I love learning by doing. It's the best way for me to understand the complexity of any activity. This is part of why I grow my own veggies and herbs in a community garden plot. It's not the same as farming, by any stretch of the imagination, but it grounds my thinking about farming in a reality. So I was excited to take part in making a true city wine over the past year. A friend has a cherry plum tree in his backyard (for SF folks, it's in the foggy Richmond district), and usually lets the birds claim the harvest. But last year there were other plans for the fruit. An hour's labor gleaned two paper shopping bags full to the brim with cherry plums (about 3.5 pounds). To these were added two pounds of cherries (store bought) and a pound of blackberries gleaned from the Presidio (a large urban park/wilds in San Francisco), along with yeast, sugar and water. A year later we have two cases of what we call 'Captain's Red', a dry, light, almost rose, very drinkable (if a little acidic) wine made largely from the neglected fruits of the city.

If you've ever tried home winemaking, you'll know I'm leaving a lot out about the process. This is mostly because I was the assistant winemaker, or more accurately, an bystander observing, once we got past the harvest part. But its also because, from an urban ag perspective, the big lesson was not about the winemaking process, but about how so little (mostly one tree, on one day's harvest) can make so much. With that knowledge I see the city landscape a little differently now.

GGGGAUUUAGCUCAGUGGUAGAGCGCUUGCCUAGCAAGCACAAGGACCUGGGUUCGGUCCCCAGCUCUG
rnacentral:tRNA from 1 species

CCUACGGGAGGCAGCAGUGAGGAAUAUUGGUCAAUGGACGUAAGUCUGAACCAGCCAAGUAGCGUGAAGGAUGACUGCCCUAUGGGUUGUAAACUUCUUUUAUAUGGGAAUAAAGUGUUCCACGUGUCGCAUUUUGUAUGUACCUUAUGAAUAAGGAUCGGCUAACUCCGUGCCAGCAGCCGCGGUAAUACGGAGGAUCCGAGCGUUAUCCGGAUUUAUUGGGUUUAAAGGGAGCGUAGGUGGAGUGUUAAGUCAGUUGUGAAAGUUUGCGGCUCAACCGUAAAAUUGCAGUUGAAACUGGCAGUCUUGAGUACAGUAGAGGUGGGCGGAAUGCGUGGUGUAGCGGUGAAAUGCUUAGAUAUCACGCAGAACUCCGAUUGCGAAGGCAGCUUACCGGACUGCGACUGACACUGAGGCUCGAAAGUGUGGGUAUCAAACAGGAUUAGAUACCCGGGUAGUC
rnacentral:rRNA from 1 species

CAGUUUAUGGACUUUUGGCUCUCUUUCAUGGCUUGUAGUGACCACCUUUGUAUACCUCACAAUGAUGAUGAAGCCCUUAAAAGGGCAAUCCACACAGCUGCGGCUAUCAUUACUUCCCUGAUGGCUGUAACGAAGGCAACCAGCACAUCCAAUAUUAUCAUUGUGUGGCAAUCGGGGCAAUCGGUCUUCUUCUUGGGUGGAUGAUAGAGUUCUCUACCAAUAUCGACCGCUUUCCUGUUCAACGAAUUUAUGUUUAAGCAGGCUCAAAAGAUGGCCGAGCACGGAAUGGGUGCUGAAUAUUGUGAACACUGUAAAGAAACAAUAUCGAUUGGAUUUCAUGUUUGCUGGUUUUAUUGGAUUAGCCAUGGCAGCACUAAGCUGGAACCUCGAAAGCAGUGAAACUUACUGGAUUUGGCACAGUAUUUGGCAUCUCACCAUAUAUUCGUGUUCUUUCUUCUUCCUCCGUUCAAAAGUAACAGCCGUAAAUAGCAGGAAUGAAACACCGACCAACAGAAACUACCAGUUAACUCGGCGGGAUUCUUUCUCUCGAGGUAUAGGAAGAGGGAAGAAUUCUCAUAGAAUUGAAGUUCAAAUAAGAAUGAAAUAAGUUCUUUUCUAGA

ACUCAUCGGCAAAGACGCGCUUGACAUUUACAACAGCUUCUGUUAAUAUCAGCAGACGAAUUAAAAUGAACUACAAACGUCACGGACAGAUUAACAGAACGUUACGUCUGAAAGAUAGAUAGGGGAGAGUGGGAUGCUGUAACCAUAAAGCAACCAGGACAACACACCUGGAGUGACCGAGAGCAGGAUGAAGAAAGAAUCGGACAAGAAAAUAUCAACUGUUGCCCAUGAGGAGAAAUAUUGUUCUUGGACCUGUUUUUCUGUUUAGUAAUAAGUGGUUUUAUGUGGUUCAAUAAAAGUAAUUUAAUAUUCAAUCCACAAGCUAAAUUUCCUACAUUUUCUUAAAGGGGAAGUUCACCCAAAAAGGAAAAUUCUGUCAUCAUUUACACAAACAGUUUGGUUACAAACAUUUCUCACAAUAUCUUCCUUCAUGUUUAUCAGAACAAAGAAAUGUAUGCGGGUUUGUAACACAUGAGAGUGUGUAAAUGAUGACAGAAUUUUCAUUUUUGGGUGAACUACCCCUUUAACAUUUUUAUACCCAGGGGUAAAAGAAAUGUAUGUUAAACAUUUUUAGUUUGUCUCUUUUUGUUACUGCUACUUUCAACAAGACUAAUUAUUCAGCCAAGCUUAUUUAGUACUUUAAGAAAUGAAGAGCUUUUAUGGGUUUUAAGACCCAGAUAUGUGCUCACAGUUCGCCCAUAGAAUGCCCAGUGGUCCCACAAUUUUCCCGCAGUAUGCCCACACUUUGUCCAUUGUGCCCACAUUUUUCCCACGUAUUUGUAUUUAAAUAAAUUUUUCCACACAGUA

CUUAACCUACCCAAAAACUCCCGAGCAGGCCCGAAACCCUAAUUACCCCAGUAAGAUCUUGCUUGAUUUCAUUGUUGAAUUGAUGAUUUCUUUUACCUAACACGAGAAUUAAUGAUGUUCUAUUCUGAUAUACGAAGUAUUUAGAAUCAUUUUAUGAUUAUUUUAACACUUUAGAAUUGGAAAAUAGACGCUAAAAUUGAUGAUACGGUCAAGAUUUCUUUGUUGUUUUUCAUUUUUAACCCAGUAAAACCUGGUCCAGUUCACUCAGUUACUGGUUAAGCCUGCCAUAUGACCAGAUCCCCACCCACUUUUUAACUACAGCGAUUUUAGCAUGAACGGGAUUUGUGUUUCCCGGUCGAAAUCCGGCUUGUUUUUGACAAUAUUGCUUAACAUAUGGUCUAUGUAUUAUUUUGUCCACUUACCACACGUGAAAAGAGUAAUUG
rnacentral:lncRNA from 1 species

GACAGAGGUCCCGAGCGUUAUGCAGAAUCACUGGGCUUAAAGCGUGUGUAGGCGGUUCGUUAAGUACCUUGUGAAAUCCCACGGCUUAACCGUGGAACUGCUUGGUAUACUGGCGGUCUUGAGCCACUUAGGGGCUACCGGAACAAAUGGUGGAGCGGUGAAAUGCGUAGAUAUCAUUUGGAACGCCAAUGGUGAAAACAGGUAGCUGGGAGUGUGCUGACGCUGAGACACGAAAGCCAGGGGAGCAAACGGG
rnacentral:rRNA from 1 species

[Fermentation bubbles - for a couple months it bubbled like crazy]
[Cleaned, recycled wine bottles drying in the window on bottling day]
[Bottling the wine - the carboy is just out of frame to the left]

[Corking the bottles with a corking device, rented from Brewcraft on Clement St]
[The finished product, ready for a label, and for drinking at bottling day lunch]

The wine recipe came from Making Wild Wines and Meads by Pattie Vargas and Rich Gulling, advice and equipment from Brewcraft, and the talented winemaker credit goes to Michel Fuller.

Tuesday, September 6, 2011

A Landscape Approach - systems thinking and agriculture

[Irrigation canal in California's Central Valley]

At World Water Week in Stockholm last week, a 'landscape' approach to agriculture was touted as the solution to growing environmental problems caused by large scale industrial farming. And while no one referred directly to the field of landscape architecture, the correlations in approach were apparent. Advocating
"‘agroecosystems’, meaning systems ... planning for food production and other land uses(that) is integrated into a broader plan – one that ensures clean water, clean air and biodiversity for the long term"

experts at the conference  nailed a clear description of how landscape architects work and think.
[Field irrigation, images via Wikipedia (top) and Irrigation Museum (bottom)
Noting that agriculture accounts for 70-90% of water use in some regions, speakers called for action to avert disaster as some agricultural areas (including the Western U.S) use water faster than it can be replenished. Specific strategies mentioned included alliances between sustainable farming advocates and conservation managers that "blur the lines between sustainable farming and natural resource protection" and studies that "found ... efforts to preserve wetlands by excluding agriculture can actually increase the rate of destruction of the eco-system".

Understanding and working within complex, dynamic, land-based systems are a foundation of landscape architecture practice, and the potential for LAs to be part of the dialogue of solutions is immense. Read more about the conference at Eco-Business.